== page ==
statements, some of the operations, and some of the types of
data handled by the language. The reference manual
describes in more detail the material in this introductory
A SNOBOL4 program consists of a sequence of
statements. There are four basic types of statements:
1) THE ASSIGNMENT STATEMENT,
2) THE PATTERN MATCHING STATEMENT,
3) THE REPLACEMENT STATEMENT, AND
4) THE END STATEMENT.
THE END statement terminates the program.
A. ASSIGNMENT STATEMENTS AND BASIC DATA TYPES
The simplest type of statement is the assignment statement.
It has the form
VARIABLE = VALUE
The assignment statement may be said to have the following
meaning: "LET VARIABLE HAVE THE GIVEN VALUE." For example,
let V have the value 5, or
V = 5
The value may be given by a expression, consisting, for
example, of arithmetic operations as in the statement
W = 14 + (16 - 10)
which assigns the value 20 to the variable W. Blanks are
required around arithmetic operators such as + and - . The
value need not be an integer, which is just one type of data
handled by SNOBOL4. For example, the value may be a string
of characters, indicated by enclosing quotes. An example is
the assignment statement
V = 'DOG'
which assigns the string DOG to the variable V. Various
types of data and operations that may be performed on them
are described later.
Typically a variable is a name such as V, X, or ANS.
Variables appearing explicitly in a program must begin with
PDP-10 Snobol4 User's Guide Page 12
a letter which may be followed by any number of letters,
digits and periods.
The value of a variable may be used in an assignment
RESULT = ANS.1
assigns to the variable RESULT the value of ANS.1.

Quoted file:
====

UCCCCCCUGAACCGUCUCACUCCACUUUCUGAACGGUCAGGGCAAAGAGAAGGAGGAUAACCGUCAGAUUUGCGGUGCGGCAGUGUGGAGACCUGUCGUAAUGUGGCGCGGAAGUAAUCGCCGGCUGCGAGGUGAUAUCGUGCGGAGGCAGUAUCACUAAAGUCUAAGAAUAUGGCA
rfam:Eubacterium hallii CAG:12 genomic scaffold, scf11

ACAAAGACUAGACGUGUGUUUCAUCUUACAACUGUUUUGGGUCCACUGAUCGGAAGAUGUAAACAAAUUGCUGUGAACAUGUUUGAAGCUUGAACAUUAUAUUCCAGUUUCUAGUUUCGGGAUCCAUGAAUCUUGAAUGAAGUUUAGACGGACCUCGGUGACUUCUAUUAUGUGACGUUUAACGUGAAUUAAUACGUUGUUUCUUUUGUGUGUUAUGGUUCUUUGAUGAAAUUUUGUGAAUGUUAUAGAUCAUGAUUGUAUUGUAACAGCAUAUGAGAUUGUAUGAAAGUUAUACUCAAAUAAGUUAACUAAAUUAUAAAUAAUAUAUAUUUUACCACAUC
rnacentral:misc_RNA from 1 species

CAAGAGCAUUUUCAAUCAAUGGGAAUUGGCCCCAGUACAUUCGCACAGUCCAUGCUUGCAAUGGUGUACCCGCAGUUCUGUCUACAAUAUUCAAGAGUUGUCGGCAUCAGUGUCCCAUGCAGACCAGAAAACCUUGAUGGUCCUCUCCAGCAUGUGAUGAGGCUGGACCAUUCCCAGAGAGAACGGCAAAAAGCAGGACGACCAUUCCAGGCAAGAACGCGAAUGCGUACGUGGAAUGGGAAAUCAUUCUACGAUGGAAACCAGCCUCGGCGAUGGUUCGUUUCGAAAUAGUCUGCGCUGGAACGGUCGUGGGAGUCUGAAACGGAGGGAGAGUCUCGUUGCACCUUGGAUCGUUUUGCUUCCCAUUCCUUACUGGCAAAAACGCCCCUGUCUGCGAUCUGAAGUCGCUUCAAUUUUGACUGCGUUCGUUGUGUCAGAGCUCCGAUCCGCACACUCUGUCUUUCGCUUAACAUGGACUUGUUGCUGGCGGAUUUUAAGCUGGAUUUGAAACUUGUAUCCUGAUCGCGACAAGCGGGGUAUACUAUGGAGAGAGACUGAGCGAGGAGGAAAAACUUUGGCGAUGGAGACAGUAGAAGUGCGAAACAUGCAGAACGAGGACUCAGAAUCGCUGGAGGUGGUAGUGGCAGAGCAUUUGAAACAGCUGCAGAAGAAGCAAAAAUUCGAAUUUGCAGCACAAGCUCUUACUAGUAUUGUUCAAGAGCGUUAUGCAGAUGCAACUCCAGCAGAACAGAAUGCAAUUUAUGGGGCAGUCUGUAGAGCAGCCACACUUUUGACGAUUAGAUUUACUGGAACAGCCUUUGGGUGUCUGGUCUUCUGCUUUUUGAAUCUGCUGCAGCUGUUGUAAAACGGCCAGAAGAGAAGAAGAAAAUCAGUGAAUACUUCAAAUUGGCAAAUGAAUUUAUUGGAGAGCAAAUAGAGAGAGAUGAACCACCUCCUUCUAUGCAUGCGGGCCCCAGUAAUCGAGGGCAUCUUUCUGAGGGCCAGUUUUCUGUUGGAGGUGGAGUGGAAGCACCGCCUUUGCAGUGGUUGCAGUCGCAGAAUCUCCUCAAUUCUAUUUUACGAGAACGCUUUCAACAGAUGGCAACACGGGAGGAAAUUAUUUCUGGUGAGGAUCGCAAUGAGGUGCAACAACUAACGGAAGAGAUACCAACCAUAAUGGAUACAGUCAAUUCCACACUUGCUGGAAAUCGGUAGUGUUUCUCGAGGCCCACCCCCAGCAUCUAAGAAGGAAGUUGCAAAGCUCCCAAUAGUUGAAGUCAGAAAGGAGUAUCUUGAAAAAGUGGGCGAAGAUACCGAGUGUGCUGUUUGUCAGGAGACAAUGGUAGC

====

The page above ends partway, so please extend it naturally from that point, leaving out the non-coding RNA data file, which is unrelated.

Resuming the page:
(Quotation marks distinguish literal strings from
Blanks are required to separate the parts of a statement.
In an assignment statement, the equal sign must be separated
from the variable on the left and the value on the right by
at least one blank.
A statement which is longer than one line can be continued
onto successive lines by starting the coninuation lines with
a period or plus sign. An example is
N = (3 + M) (2 + SUM) -
. (F - 2)
When continuing a statement over a line boundary, the
statement may be broken wherever a blank is required.
Several statements may be placed on one line by using
semicolons which indicate the ends of statements. An
X = 2; Y = 3; Z = 10
A line beginning with an asterisk is treated as a comment
and does not affect the operation of the program.
The arithmetic operations of addition, subtraction,
multiplication, division, and exponentiation of integers may
be used in expressions. The statements
N = 5; M = 4
P = N * M / (N - 1)
assign the value 5 to P. While blanks are required between
the binary operators and their operands, unary operators
such as the minus sign must be adjacent to their operands.
An example is the statement
Q2 = -P / -N
which assigns the value 1 to Q2 .
PDP-10 Snobol4 User's Guide Page 13
Arithmetic expressions can be arbitrarily complex. When
evaluating arithmetic expressions, the natural order of